I don’t have much of anything. No gold. Just the bakery my grandmother left me, Gertrude said quickly.

"Oh, I won’t be collecting now." The witch began pacing behind the counter, letting her fingers trail over boxes and dusty shelves behind her. Her eyes lingered on every surface she touched, a knowing smirk adorning her lips. Gertrude was forced to stand there, consciously trying not to tug on her ear, as her ominous words sunk in. Just when Gertrude wanted to bolt from the shop, or scream at the woman, or both, the witch spoke.

I want your first-born child.

Now it was Gertrude’s turn to stare. What? Are you serious?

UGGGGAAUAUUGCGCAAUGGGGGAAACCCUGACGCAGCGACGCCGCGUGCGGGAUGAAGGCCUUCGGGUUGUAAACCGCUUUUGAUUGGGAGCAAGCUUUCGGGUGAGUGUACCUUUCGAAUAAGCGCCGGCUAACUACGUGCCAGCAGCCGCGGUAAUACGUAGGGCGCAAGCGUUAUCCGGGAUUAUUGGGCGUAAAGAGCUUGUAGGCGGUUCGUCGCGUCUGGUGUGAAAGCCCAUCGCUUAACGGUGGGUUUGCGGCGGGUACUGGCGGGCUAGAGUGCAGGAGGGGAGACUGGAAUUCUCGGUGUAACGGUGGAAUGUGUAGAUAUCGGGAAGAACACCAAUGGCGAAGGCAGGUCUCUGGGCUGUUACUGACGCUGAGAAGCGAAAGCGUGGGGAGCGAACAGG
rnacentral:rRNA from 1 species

I don’t joke about payments, sugar tits.

But, what would you do with it?

What does it matter to you? You’ll have what you want. The witch’s face showed the first hint of impatience as her brow furrowed. Gertrude didn’t care.

Well, because! I’m not going to let something horrible happen to my own flesh and blood! You aren’t going to make a stew of it, or something, are you?

The witch looked utterly appalled, slapping both her palms down on the counter between them. Of course not! I’m a witch, not a cannibal! What the hell?

Her passion startled Gertrude and she took a step back. W-well, you never know these days. I wouldn’t want it sold into slavery or something.

The witch calmed down and raised a hand. Okay, I get ya. How about this? I give you your dream and you give me your baby after it is born. I swear nothing horrible will happen to it under my care.

Gertrude raised an eyebrow.

And I won’t sell it off or anything, the witch tacked on.